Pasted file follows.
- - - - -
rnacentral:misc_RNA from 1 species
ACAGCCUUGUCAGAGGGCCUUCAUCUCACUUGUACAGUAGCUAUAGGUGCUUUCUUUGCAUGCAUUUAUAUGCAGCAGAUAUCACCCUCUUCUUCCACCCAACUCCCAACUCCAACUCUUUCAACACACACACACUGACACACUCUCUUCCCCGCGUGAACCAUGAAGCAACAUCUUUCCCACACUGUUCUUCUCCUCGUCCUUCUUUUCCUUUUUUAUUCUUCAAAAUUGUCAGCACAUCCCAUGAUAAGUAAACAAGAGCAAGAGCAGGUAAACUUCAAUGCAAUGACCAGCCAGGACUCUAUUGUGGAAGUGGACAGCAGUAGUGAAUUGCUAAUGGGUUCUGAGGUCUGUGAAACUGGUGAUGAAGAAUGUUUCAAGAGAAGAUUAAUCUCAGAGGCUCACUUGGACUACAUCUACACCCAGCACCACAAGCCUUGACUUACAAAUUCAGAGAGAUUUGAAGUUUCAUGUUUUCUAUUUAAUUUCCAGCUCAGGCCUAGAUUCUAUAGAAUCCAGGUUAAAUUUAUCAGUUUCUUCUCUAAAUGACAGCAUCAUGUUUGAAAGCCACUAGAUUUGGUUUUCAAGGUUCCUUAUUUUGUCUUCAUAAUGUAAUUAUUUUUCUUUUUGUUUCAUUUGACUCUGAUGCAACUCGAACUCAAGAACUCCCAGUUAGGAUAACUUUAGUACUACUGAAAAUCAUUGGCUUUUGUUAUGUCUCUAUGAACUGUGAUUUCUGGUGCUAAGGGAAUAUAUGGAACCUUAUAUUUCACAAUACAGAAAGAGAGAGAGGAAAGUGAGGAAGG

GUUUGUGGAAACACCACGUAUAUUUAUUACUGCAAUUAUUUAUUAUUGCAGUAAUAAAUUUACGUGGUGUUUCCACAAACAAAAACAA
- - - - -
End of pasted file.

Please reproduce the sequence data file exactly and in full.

rnacentral:misc_RNA from 1 species
ACAGCCUUGUCAGAGGGCCUUCAUCUCACUUGUACAGUAGCUAUAGGUGCUUUCUUUGCAUGCAUUUAUAUGCAGCAGAUAUCACCCUCUUCUUCCACCCAACUCCCAACUCCAACUCUUUCAACACACACACACUGACACACUCUCUUCCCCGCGUGAACCAUGAAGCAACAUCUUUCCCACACUGUUCUUCUCCUCGUCCUUCUUUUCCUUUUUUAUUCUUCAAAAUUGUCAGCACAUCCCAUGAUAAGUAAACAAGAGCAAGAGCAGGUAAACUUCAAUGCAAUGACCAGCCAGGACUCUAUUGUGGAAGUGGACAGCAGUAGUGAAUUGCUAAUGGGUUCUGAGGUCUGUGAAACUGGUGAUGAAGAAUGUUUCAAGAGAAGAUUAAUCUCAGAGGCUCACUUGGACUACAUCUACACCCAGCACCACAAGCCUUGACUUACAAAUUCAGAGAGAUUUGAAGUUUCAUGUUUUCUAUUUAAUUUCCAGCUCAGGCCUAGAUUCUAUAGAAUCCAGGUUAAAUUUAUCAGUUUCUUCUCUAAAUGACAGCAUCAUGUUUGAAAGCCACUAGAUUUGGUUUUCAAGGUUCCUUAUUUUGUCUUCAUAAUGUAAUUAUUUUUCUUUUUGUUUCAUUUGACUCUGAUGCAACUCGAACUCAAGAACUCCCAGUUAGGAUAACUUUAGUACUACUGAAAAUCAUUGGCUUUUGUUAUGUCUCUAUGAACUGUGAUUUCUGGUGCUAAGGGAAUAUAUGGAACCUUAUAUUUCACAAUACAGAAAGAGAGAGAGGAAAGUGAGGAAGG

GUUUGUGGAAACACCACGUAUAUUUAUUACUGCAAUUAUUUAUUAUUGCAGUAAUAAAUUUACGUGGUGUUUCCACAAACAAAAACAA